By the 1890s, four states had given women the right to vote and many states would follow. The women's rights movement was beginning to have an impact.
The 20th century saw more progress towards women's rights. In 1920, the 19th Amendment to the Constitution was passed; guaranteeing women the right to vote. Susan B. Anthony and other women's rights leaders were not alive to see it, but their work was directly responsible for the 19th Amendment.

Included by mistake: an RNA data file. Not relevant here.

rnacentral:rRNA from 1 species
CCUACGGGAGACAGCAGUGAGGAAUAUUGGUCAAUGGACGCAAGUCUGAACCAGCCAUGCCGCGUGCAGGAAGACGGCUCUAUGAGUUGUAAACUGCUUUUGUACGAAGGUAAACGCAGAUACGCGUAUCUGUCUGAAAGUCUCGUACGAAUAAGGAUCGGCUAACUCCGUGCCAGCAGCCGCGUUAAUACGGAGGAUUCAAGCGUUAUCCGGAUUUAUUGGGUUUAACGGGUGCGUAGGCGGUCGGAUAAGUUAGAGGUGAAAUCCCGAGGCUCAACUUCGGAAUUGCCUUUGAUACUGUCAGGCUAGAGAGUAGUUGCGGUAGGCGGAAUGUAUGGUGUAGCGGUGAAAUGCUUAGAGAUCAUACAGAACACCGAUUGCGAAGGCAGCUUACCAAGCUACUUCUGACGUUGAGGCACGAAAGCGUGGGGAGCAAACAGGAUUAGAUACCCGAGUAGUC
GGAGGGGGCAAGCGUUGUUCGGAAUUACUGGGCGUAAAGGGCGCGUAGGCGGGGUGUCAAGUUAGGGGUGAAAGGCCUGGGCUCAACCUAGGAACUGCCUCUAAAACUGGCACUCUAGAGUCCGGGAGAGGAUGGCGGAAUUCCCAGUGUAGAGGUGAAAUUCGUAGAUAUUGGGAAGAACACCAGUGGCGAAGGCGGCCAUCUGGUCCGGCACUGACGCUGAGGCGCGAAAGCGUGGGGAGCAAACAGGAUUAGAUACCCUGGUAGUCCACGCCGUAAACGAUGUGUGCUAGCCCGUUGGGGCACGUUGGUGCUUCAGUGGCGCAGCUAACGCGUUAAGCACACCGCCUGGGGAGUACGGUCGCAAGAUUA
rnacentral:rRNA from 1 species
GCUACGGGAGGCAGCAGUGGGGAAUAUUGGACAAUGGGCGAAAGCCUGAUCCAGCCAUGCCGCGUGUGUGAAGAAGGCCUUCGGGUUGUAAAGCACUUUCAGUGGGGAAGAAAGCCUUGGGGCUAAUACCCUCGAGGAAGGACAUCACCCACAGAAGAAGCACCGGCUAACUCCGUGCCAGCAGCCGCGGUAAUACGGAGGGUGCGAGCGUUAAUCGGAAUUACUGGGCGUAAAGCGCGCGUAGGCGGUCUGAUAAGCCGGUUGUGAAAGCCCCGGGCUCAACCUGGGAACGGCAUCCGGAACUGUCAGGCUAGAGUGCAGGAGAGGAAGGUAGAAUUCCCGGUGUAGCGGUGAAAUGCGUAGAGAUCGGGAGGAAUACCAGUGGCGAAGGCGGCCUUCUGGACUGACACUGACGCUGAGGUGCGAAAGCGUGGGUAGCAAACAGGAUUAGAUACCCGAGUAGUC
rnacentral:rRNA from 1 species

A group of women march for their right to vote in 1913.
Photo courtesy: Library of Congress
- This indicator was developed to encourage inquiry into the growth, decline, and legacy of the Populist Party. This indicator supports inquiry into the multifaceted objectives of the Progressive Movement, including political and social reforms, which influenced both political parties of the period and resulted in lasting legislation.